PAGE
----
Lord Ironside: My Lords, if coal is still to be used as a primary fuel in power stations, what steps are the Government taking to assist with the development of fluidised bed combustion to produce better warming, heating, burning and calorific exchange?

Lord Sainsbury of Turville: My Lords, we are pursuing new technologies in those fields. We are totally supportive of combined heat and power systems, which play a major part in terms of energy efficiency.

Lord Mason of Barnsley: My Lords, is my noble friend aware that, if we create a level playing field for British coal, we could cut back on the subsidised German coal imports; stop buying French electricity; reduce the 12 to 14 million tonnes of cheap coal imports; reduce open-cast coal-mining; and stop the dash for gas? What has he to say about that?

Lord Sainsbury of Turville: My Lords, there are a number of different categories here. Our aim is to create a market where there can be true competition. Where that does not exist, as in the case of German coal, we are working with our colleagues in Europe to make certain that action is taken to reduce the subsidies.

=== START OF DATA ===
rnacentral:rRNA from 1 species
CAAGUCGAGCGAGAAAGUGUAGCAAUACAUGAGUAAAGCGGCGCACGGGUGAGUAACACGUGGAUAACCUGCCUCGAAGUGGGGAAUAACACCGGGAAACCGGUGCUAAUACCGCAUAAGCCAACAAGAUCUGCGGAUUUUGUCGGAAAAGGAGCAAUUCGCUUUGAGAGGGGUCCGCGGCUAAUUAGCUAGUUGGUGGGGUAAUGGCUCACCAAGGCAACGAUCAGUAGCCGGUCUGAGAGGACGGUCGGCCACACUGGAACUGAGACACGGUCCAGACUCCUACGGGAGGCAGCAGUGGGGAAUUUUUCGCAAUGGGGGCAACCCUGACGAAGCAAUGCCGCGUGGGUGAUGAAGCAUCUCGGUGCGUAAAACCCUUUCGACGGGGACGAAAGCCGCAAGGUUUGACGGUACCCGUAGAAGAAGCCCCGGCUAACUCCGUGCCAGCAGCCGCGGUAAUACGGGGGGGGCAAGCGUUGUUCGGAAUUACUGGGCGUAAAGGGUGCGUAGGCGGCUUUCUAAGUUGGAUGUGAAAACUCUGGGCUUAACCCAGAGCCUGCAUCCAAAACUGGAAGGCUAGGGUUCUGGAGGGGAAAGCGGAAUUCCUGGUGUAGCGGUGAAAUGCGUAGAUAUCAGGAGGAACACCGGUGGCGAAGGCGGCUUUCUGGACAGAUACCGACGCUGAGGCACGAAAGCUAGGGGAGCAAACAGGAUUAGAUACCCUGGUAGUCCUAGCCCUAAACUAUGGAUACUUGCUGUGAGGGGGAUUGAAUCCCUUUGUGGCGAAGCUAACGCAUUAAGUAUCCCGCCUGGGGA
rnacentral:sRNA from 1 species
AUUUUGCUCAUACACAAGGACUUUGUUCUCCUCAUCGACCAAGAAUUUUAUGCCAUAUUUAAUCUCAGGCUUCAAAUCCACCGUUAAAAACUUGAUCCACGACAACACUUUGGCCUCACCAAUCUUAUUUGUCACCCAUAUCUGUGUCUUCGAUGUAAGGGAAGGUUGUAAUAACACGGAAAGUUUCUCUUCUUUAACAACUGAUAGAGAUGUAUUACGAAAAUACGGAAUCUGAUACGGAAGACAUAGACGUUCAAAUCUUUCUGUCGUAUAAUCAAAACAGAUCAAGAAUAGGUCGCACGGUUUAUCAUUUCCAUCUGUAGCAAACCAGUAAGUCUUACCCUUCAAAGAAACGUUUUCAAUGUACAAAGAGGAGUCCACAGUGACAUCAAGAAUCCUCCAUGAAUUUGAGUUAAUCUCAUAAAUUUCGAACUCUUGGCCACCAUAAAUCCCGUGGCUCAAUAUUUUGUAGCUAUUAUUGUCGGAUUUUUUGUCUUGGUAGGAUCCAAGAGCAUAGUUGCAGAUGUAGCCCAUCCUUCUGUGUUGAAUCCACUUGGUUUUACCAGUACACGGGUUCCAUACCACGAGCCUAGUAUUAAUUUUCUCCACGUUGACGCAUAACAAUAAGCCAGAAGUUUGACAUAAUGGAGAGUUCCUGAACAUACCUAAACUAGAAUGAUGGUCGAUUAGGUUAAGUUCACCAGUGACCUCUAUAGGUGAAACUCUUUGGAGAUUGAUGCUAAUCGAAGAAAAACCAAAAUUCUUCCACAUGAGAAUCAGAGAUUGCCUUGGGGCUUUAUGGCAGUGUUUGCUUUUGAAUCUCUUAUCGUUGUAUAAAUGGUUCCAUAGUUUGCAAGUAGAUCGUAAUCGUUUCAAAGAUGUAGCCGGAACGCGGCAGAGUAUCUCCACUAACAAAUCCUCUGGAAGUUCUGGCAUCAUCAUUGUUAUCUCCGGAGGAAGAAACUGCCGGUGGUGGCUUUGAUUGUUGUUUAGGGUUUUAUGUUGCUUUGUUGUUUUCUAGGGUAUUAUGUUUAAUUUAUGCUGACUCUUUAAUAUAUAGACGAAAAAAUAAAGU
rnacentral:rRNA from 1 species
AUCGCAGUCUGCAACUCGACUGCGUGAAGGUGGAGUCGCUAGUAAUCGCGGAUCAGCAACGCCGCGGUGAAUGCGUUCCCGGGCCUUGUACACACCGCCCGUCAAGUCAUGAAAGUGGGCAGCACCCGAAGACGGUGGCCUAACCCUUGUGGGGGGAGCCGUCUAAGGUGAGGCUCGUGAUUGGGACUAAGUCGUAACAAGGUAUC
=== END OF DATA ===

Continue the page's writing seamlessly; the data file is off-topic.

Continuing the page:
Lord Ezra: My Lords, following on the question raised about new coal technologies, will the noble Lord indicate what special assistance or support the Government will provide for the creation of demonstration plants in clean coal technology? Does he agree that the new clean coal processes which are so important for the environment are not being developed sufficiently fast, in spite of demand not only in the UK but also abroad?

Lord Sainsbury of Turville: My Lords, a new DTI clean coal research programme is being initiated. It will act as a focus for collaboration with industry and academia. It will enable the UK to maintain and develop its know-how in clean coal technologies. It will also help UK industry to attain a share of the growing market in these new technologies. I was recently in China,

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where we held meetings with the Chinese government and signed an agreement to enable them to work with British industry on the new technologies.